w/over 2500 SF. $480,000. Kathy Valente, 748-6300 or 685-6767. 502954
GREAT ISLAND LOCATION! Updated 1-28R/2BA townhouse w/private patio. Pride of
ownership shows. $340,000. Barbara Westendorf, 748-6300 or 685-6109. 501694
PERICO BAY CLUB Enjoy sunset views from the lanai while watching wildlife in the
estuary. Close to beaches. $259,000. Elizabeth Gardini, 748-6300 or 356-0096.504417
VINTAGE FLORIDA HOME on a corner lot across from Bradenton Country Club.
$249,900. 748-6300. Kathy Marcinko, 713-1100 or Sandy Drapala, 725-0781. 504425

F lililM~tilt11^ ^ '1^1 '^

VAN-GO PAINTING residential/commercial, inte-
rior/exterior, pressure cleaning, wallpaper. Island
references. Dan or Bill; (941) 795-5100.

contractors. In-house plan designs. State licensed
and insured. Many Island references. (941) 778-
2993. License #CRC 035261.

mates. 35-year Island resident. Call Jim Bickal at
(941) 778-1730.

CHRISTIE'S PLUMBING Island and off-Island ser-
vice since 1975. Repairs and new construction.
Free estimates, no overtime charges. Now certify-
ing back flow at water meters. (FL#RF0038118)
(941) 778-3924 or 778-4461.

TILE TILE -TILE. All variations of ceramic tile sup-
plied and installed. Quality workmanship, prompt,
reliable, many Island references. Call Neil, (941)

ROOFING REPAIRS and replacements. Remodel-.
ing, repairs, additions, screen rooms, kitchens,
baths. Free estimates. License #CGC061519,
#CCC057977, #PE0020374. Insured.Accepting
MasterCard/Visa. (941) 720-0794.

All phases of carpentry, repairs and painting. In-
sured. Member of Better Business Bureau. Paul
Beauregard, (941) 779-2294.

KEN & TINA DBA Griffin's Home Improvements Inc.
Handyman, fine woodwork, countertops, cabinets
and shutters, Insured and licensed, (941) 748-4711.

CLASSIFIEDS ADS are posted early online at

Key West-style home on Intracoastal
* 1,656 sf living space
* 2BR/2BA z
* Huge jacuzzi in second floor i'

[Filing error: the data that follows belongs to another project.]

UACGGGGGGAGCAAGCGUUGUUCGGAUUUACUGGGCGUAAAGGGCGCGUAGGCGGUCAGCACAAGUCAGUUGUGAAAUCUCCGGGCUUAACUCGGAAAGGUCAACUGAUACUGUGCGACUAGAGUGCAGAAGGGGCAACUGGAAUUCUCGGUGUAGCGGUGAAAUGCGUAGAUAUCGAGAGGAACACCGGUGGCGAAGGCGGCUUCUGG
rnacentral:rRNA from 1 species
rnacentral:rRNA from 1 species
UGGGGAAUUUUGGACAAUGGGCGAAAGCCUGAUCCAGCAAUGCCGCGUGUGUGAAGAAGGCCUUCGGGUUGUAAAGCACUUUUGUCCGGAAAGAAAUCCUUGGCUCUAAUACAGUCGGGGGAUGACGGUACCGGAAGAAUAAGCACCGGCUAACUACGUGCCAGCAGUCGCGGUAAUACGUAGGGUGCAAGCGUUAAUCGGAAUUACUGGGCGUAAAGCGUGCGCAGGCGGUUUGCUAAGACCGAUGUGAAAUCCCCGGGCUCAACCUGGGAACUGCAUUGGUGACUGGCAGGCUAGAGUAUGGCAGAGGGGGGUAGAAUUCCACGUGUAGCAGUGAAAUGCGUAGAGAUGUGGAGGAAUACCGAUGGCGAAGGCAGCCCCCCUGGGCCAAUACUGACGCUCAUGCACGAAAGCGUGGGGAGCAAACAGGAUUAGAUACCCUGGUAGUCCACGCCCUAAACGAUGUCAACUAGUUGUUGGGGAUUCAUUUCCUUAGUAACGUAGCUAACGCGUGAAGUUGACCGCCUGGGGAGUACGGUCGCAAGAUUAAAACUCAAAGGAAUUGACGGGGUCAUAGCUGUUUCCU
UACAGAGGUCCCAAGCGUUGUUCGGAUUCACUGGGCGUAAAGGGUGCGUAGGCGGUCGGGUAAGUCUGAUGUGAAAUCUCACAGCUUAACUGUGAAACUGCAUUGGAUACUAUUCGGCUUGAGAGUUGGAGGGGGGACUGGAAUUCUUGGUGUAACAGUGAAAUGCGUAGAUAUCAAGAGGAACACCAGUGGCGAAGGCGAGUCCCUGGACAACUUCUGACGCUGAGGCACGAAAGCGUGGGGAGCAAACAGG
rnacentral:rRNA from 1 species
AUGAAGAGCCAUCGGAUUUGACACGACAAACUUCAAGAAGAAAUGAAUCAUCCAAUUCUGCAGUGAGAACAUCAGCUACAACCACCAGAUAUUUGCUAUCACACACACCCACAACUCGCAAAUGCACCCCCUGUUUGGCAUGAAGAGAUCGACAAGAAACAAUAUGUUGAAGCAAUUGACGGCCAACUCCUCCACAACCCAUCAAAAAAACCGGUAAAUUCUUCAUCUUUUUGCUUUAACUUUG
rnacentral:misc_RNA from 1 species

bathroom 1: !li
*'Glimpses of the Gulf from .
second floor i
* Home easily converts to two ... '
separate units (second floor
already plumbed for a kitchen) $1,400,000
Call Barb Turner (941) 704-8908
i ...-, nc.1036 10th Street West, Palmetto (941) 722-1744

You Pick: Family Compound,
Second Home or Vacation Retreat
Offering two lakefront properties in Anna Maria

-"S Gabe Buky
al ,a 941-374-5772

302 North Shore Dr- 3+BR/3BA with
1 BR/1 BA apartment. Five-car garage,
one short block to beach, direct beach
access, peeks of Gulf. Seawall and
dock. Zoned duplex. Extras! Asking
$850,000. MLS 502321.

300 North Shore Dr 4BR/2.5BA du-
plex with five-car garage. Private open
decks, large picture windows, great
views of lake. Asking $750,000. MLS

Call Stephanie Bell, (941) 920-5156 or Frank Migliore, (941) 778-2307.
S g REDUCED Ave. Duplex on corner lot, two-car ga-
P ICE E.DUN rage, two carports, screened lanai, lots
S. P- -. 1 of decks, over 3,900 sf. underroof. 150
ll steps to beach access. Would also
make a great single-family home! Ask-
S i .... J ing $685,000. For more details call
Stephanie Bell, Broker, 778-2307 or 920-5156. MLS103353.

Fo urhrino~tocalorvst sonie



TILE, CARPET, LAMINATE supplied and installed:
Why pay retail? Island resident, many references.